This transcript is a mnemonic poem in hexameters, as found in Berlin, SBPK 462, fol. 184r, created to facilitate the memorization of the number of causae and quaestiones contained in the second section of the Decretum Gratiani. The number and order of the poem’s words reflect those of the causae of the Decretum (36) and the letters composing each word are said to correspond to the number of quaestiones included in each causa – i.e. the first word has seven letters as the first causa has seven quaestiones.
The scribe – apparently a fifteenth-century hand – noted the number of letters above each word, with some exceptions. While the number of words (36) corresponds to the number of causae contained in the second section of the Decretum, there are some mismatches in the number of letters (quaestiones), as specified in the footnotes.
In 1911, German author Victor Scholderer, based on the analysis of the anonymous fifteenth-century work Modus legendi abbreviaturas in utroque iure, discovered an acrostic at the beginning of the section De decreto versificato, which contains the name of the author:
Wernherus monstrat ut sic distinctio fiat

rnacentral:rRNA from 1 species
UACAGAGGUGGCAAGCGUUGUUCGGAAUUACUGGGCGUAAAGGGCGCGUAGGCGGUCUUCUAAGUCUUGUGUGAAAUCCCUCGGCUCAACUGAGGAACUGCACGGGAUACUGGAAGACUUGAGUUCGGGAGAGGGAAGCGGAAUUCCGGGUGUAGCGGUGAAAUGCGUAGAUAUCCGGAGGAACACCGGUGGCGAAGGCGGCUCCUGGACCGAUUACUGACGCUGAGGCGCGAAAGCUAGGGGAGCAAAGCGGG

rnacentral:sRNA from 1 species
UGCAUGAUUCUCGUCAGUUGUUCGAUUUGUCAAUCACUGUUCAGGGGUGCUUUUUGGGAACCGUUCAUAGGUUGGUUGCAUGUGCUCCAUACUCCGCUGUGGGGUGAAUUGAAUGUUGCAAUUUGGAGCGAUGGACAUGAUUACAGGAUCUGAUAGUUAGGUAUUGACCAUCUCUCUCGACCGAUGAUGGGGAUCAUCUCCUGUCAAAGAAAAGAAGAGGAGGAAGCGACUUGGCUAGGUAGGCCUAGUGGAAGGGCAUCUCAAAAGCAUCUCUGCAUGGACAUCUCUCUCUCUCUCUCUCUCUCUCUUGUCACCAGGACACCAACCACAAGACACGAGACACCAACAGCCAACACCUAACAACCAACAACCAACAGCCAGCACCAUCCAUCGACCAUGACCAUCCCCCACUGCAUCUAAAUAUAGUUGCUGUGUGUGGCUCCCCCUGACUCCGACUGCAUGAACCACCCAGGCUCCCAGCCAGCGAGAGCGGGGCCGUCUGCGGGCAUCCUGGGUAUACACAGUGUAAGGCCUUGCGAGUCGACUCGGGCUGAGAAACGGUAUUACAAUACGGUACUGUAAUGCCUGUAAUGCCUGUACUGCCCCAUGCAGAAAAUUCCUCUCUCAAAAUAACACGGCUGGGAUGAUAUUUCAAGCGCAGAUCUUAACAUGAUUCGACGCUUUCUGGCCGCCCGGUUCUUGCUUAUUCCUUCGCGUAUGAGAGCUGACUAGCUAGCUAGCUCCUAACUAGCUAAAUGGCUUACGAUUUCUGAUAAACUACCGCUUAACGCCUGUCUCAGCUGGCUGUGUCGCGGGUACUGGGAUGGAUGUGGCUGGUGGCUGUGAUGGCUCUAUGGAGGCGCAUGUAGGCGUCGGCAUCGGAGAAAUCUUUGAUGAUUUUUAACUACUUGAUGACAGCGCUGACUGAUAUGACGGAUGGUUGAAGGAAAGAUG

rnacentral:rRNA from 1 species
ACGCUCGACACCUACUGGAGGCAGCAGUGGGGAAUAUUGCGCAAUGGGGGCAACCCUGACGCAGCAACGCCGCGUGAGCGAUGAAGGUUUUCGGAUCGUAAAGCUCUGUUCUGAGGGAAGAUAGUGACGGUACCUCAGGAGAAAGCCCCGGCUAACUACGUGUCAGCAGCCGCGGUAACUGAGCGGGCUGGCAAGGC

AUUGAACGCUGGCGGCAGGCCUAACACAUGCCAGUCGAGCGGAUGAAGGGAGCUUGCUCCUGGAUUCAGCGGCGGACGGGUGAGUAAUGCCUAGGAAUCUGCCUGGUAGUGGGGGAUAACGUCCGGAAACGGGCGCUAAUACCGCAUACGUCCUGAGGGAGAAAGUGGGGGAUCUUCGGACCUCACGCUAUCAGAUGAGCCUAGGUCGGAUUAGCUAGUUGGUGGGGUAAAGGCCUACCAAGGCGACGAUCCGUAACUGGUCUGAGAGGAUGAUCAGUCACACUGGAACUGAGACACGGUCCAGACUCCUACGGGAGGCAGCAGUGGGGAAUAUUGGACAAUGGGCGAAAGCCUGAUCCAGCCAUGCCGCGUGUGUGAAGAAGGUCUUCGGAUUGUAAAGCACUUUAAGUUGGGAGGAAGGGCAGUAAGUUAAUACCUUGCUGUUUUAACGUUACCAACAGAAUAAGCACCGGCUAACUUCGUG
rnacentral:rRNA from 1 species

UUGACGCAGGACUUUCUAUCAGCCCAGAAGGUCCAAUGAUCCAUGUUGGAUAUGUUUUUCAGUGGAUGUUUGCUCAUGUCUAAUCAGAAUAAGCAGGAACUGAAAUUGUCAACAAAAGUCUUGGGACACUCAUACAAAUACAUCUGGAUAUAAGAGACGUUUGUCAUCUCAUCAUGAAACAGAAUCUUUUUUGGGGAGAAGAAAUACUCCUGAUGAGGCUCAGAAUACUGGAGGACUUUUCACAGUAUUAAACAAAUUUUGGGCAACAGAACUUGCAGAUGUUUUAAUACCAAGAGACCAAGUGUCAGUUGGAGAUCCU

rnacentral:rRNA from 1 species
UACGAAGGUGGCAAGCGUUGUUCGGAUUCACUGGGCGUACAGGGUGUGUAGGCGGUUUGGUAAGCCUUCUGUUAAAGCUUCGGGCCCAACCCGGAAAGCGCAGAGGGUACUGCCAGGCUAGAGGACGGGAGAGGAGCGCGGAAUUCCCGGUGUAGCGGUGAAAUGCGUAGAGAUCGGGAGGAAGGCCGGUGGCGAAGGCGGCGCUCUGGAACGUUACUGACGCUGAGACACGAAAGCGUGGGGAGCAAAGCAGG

Sancti Germani Spirae canonicus
Cuius erat patria Schussenrieth in Swevia
Discere causarum quarumlibet ordine membra…
Scholderer did not realize that the fourth verse was the beginning of our mnemonic poem.
This poem, with slight variations, is also contained in two manuscripts of the Biblioteca Apostolica Vaticana: Vat. Lat. 3259 fol. 224v (13th c.) and Ros. 307 (14th c.). In the latter, the poem is part of a Decretum versificatum, an in-verse abbreviation of the Decretum Gratiani which was intended to help to commit to memory the structure and content of all three sections of the book. The poem is transcribed on top of fol. III va, followed by an acrostic where every letter of the poem is the initial of a hexameter (fos. IIIva-IVrb).
Introduction and transcription Copyright © Attilio Stella 2019.
Cite as: Mnemonic Poem for memorising the structure of the second section of the Decretum Gratiani, as found in Berlin, SBPK 462, transcr. Attilio Stella, in Civil Law, Common Law, Customary Law Project Publications, St Andrews, 2019